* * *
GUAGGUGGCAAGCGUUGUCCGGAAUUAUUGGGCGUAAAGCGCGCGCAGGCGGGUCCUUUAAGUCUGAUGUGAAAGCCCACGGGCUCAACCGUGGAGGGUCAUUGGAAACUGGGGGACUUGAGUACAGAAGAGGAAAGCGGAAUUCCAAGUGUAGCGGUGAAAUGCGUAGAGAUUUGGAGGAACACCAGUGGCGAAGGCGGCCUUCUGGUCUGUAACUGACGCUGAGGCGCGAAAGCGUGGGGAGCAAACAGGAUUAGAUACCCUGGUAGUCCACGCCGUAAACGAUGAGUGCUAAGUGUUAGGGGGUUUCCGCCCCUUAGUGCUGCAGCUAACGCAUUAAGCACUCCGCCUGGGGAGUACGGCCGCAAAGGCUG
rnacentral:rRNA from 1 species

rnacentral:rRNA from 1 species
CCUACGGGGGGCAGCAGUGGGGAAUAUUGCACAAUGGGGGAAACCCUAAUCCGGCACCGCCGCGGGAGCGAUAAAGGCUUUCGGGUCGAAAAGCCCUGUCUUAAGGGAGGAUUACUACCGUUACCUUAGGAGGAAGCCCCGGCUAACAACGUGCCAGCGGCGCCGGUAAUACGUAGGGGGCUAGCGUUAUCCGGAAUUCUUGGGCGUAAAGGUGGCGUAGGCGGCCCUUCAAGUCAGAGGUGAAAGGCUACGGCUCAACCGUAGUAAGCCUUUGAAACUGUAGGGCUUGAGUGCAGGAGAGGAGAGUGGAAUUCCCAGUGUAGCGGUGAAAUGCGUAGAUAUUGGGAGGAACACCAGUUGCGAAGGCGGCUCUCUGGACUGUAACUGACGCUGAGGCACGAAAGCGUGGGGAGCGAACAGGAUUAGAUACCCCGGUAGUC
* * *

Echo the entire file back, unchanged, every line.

GUAGGUGGCAAGCGUUGUCCGGAAUUAUUGGGCGUAAAGCGCGCGCAGGCGGGUCCUUUAAGUCUGAUGUGAAAGCCCACGGGCUCAACCGUGGAGGGUCAUUGGAAACUGGGGGACUUGAGUACAGAAGAGGAAAGCGGAAUUCCAAGUGUAGCGGUGAAAUGCGUAGAGAUUUGGAGGAACACCAGUGGCGAAGGCGGCCUUCUGGUCUGUAACUGACGCUGAGGCGCGAAAGCGUGGGGAGCAAACAGGAUUAGAUACCCUGGUAGUCCACGCCGUAAACGAUGAGUGCUAAGUGUUAGGGGGUUUCCGCCCCUUAGUGCUGCAGCUAACGCAUUAAGCACUCCGCCUGGGGAGUACGGCCGCAAAGGCUG
rnacentral:rRNA from 1 species

rnacentral:rRNA from 1 species
CCUACGGGGGGCAGCAGUGGGGAAUAUUGCACAAUGGGGGAAACCCUAAUCCGGCACCGCCGCGGGAGCGAUAAAGGCUUUCGGGUCGAAAAGCCCUGUCUUAAGGGAGGAUUACUACCGUUACCUUAGGAGGAAGCCCCGGCUAACAACGUGCCAGCGGCGCCGGUAAUACGUAGGGGGCUAGCGUUAUCCGGAAUUCUUGGGCGUAAAGGUGGCGUAGGCGGCCCUUCAAGUCAGAGGUGAAAGGCUACGGCUCAACCGUAGUAAGCCUUUGAAACUGUAGGGCUUGAGUGCAGGAGAGGAGAGUGGAAUUCCCAGUGUAGCGGUGAAAUGCGUAGAUAUUGGGAGGAACACCAGUUGCGAAGGCGGCUCUCUGGACUGUAACUGACGCUGAGGCACGAAAGCGUGGGGAGCGAACAGGAUUAGAUACCCCGGUAGUC